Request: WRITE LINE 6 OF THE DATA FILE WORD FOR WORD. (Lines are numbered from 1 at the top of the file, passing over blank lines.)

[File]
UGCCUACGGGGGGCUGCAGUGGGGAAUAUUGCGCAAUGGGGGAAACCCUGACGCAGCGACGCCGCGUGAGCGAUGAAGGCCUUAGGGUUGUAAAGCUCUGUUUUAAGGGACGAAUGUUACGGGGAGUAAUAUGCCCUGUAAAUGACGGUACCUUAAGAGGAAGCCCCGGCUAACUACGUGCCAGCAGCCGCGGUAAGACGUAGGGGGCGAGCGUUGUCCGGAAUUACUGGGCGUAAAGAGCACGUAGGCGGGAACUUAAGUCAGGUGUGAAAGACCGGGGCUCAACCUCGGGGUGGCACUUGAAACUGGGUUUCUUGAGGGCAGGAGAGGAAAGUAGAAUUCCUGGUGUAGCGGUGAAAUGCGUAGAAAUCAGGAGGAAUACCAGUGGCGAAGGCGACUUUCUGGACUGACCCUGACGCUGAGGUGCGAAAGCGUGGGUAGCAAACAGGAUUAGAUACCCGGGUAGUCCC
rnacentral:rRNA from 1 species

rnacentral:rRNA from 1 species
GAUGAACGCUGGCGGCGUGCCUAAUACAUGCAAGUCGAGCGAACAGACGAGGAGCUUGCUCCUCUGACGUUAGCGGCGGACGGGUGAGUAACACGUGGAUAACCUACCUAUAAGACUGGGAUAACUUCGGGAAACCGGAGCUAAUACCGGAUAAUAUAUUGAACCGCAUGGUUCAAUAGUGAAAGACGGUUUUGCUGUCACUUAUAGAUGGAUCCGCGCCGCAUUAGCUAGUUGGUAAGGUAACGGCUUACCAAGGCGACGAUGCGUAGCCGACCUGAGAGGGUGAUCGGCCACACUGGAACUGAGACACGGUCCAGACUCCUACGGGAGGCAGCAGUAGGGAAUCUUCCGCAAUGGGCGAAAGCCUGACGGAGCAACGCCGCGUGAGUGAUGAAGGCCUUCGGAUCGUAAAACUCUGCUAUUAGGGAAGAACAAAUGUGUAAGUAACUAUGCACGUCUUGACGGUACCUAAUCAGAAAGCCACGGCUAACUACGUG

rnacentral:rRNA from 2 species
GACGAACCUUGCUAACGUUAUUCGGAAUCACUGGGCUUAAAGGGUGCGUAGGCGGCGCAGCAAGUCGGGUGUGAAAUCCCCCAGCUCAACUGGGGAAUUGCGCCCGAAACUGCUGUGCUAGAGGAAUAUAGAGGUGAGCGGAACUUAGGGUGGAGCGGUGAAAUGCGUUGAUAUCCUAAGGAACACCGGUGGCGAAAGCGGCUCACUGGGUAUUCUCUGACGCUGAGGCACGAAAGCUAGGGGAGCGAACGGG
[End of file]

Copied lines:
GACGAACCUUGCUAACGUUAUUCGGAAUCACUGGGCUUAAAGGGUGCGUAGGCGGCGCAGCAAGUCGGGUGUGAAAUCCCCCAGCUCAACUGGGGAAUUGCGCCCGAAACUGCUGUGCUAGAGGAAUAUAGAGGUGAGCGGAACUUAGGGUGGAGCGGUGAAAUGCGUUGAUAUCCUAAGGAACACCGGUGGCGAAAGCGGCUCACUGGGUAUUCUCUGACGCUGAGGCACGAAAGCUAGGGGAGCGAACGGG